The report stopped short of deeming the lapses a dereliction of duty, which would’ve required proof of intentional misconduct, and instead blamed poor leadership of senior officials for leaving the Benghazi consulate a highly vulnerable target in a volatile city where other visiting diplomats already had shut down operations or taken more precautions. Four State Department managers were placed on administrative leave as part of disciplinary actions related to the report’s findings; one of them resigned.
Republican lawmakers, however, insisted that Clinton be held directly responsible. She sparred with them in testy exchanges over whether she’d read cables related to Benghazi security concerns, and about whether State Department officials should’ve spoken more quickly with evacuees to ascertain the nature of the Benghazi attack. One Republican told Clinton bluntly that she should’ve been dismissed from her Cabinet seat.
“Had I been president at the time, I would have relieved you of your post,” said freshman Sen. Rand Paul, R-Ky.
The Accountability Review Board’s report portrays a total system breakdown in the attacks on the U.S. consulate and the CIA annex, though the Central Intelligence Agency wasn’t mentioned once in the public version of the report. The full, classified version included recommendations related to intelligence matters, as Clinton reiterated Wednesday when explaining her constraints to answering some questions that dealt with intelligence recommendations.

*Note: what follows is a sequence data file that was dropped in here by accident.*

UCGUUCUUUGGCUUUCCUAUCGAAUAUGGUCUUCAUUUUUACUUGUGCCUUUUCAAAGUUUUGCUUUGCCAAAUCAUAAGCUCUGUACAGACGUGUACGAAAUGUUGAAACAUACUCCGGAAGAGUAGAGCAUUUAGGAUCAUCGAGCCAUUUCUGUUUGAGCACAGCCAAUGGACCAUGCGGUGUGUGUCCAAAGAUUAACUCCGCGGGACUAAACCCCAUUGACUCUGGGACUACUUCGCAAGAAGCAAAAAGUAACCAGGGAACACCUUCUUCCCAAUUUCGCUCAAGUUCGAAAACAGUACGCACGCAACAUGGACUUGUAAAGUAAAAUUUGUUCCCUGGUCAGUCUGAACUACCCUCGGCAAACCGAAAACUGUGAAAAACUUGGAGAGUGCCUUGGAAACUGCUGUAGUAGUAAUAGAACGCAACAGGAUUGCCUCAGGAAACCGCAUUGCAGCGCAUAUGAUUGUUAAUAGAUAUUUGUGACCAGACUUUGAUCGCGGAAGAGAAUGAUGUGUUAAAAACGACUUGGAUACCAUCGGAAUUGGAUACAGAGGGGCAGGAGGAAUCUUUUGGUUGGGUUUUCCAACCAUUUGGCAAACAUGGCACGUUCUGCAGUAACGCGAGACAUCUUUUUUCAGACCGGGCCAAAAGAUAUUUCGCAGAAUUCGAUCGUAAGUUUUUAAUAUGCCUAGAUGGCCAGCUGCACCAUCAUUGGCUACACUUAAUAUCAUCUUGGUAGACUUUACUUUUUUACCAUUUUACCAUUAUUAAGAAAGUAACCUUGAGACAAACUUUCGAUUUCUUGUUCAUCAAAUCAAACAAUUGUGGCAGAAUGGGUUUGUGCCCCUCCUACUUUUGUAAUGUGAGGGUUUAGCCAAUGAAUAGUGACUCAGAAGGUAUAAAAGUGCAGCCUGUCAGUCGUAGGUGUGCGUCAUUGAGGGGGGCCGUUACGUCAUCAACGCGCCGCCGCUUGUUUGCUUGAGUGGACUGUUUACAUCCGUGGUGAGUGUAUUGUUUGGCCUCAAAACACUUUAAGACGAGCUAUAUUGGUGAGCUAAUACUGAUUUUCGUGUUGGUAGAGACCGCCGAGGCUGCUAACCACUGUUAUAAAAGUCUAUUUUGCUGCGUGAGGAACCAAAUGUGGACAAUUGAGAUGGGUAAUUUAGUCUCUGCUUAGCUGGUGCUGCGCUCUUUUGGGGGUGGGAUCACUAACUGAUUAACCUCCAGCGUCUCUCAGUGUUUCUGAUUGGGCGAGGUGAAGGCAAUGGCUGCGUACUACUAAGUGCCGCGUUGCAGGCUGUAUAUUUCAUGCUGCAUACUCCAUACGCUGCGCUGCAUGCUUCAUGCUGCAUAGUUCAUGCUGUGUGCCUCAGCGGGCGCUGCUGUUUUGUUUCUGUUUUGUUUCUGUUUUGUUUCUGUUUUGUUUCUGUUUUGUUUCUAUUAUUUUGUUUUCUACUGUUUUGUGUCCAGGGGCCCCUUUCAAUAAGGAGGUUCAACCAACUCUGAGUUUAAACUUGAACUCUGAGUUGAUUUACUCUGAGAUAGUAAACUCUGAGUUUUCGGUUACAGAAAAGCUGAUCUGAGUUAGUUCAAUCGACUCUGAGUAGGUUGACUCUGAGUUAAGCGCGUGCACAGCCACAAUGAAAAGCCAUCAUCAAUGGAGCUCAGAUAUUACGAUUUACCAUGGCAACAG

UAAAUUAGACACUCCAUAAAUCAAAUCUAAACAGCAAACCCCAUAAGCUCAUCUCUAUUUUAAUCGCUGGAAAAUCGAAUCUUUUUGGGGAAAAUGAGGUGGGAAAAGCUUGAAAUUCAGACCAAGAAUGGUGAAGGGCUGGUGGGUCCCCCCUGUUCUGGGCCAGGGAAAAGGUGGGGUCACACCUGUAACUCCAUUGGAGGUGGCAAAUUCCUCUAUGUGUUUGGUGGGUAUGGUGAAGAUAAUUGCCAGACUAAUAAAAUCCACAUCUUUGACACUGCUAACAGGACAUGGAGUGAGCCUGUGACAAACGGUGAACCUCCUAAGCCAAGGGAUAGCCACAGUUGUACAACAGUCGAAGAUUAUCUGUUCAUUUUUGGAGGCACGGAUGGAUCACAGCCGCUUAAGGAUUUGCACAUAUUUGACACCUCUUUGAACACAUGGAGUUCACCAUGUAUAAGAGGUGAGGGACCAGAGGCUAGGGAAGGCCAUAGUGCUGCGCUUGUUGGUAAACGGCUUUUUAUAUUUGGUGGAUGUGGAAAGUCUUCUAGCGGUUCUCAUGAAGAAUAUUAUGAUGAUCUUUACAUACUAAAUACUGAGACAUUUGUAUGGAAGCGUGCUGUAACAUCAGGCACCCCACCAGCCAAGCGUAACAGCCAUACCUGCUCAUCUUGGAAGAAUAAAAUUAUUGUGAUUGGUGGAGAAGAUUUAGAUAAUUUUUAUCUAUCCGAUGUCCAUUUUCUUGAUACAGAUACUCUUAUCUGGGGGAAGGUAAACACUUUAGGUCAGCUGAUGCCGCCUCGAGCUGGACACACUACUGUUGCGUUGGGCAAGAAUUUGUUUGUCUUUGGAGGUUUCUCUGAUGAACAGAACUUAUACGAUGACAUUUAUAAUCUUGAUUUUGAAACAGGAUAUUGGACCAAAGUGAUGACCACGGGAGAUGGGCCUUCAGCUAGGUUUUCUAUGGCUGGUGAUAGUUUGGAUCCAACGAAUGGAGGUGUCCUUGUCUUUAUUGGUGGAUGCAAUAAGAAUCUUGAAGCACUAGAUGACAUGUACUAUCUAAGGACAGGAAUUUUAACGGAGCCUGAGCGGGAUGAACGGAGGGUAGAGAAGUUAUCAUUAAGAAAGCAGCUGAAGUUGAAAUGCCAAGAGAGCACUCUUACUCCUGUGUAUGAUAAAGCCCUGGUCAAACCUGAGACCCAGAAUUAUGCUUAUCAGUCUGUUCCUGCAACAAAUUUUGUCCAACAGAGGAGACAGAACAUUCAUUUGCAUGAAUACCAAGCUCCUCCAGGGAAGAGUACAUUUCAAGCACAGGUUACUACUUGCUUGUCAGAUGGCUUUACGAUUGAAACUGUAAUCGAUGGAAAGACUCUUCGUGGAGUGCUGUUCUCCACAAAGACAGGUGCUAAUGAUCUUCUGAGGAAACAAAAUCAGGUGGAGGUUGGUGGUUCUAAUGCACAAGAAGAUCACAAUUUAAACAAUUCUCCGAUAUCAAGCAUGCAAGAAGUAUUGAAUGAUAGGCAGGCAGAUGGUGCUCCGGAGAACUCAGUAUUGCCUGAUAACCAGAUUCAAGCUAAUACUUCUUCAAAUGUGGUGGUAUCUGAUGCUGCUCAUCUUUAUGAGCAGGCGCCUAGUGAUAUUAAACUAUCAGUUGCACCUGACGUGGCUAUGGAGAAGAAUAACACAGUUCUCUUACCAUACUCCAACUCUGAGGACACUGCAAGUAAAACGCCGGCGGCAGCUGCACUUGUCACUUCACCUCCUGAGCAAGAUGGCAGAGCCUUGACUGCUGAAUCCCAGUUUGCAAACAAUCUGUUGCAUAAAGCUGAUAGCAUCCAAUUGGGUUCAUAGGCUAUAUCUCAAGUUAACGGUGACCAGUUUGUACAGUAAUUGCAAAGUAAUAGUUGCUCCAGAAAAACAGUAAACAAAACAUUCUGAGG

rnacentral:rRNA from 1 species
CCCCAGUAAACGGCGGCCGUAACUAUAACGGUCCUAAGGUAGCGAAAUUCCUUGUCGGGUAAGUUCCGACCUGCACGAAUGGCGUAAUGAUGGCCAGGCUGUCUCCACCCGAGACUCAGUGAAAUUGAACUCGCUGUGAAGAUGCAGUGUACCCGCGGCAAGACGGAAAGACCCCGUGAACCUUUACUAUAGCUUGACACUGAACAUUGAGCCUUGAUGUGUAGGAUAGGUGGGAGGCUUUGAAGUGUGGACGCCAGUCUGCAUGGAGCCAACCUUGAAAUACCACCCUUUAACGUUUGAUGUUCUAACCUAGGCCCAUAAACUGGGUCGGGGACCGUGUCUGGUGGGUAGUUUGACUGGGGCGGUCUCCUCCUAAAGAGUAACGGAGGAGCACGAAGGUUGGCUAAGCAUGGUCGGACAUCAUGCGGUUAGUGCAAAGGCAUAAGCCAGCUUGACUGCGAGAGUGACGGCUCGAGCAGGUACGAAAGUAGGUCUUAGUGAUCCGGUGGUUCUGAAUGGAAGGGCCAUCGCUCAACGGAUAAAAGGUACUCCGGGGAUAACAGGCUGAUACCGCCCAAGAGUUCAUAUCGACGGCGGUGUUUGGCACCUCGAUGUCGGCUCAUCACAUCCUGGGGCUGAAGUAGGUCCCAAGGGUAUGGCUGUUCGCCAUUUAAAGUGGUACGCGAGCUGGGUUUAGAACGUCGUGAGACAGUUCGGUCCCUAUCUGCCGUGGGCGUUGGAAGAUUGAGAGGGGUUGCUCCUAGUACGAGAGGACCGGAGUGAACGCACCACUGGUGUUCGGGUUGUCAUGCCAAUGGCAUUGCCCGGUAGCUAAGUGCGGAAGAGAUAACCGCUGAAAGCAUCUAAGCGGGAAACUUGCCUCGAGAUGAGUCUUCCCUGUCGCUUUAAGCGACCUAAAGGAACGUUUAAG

Intelligence agency reports failed to provide any “immediate, specific tactical warning” of the Sept. 11 attacks, the panel found, adding that “known gaps existed in the intelligence community’s understanding of extremist militias in Libya and the potential threat they posed to U.S. interests.”
The consulate in Benghazi, according to the review board’s report, had an inadequate number of security agents, a lack of protective equipment, and was overseen by officials who failed to appreciate and craft a response to the city’s rapidly deteriorating security situation. The Libyan militia that was assigned to protect U.S. convoys was on strike at the time of the attack, upset over wages and working hours.
While the report didn’t fill in the gaps on what the Obama administration knew about the attacks and when – one of the most controversial points in the government’s handling of the aftermath – the panel did find that there was no anti-American demonstration preceding the attack, as senior officials once had insisted.
“The board concluded that there was no protest prior to the attacks, which were unanticipated in their scale and intensity,” stated the unclassified version of the report that was released publicly.
Steven Thomma of the Washington Bureau contributed.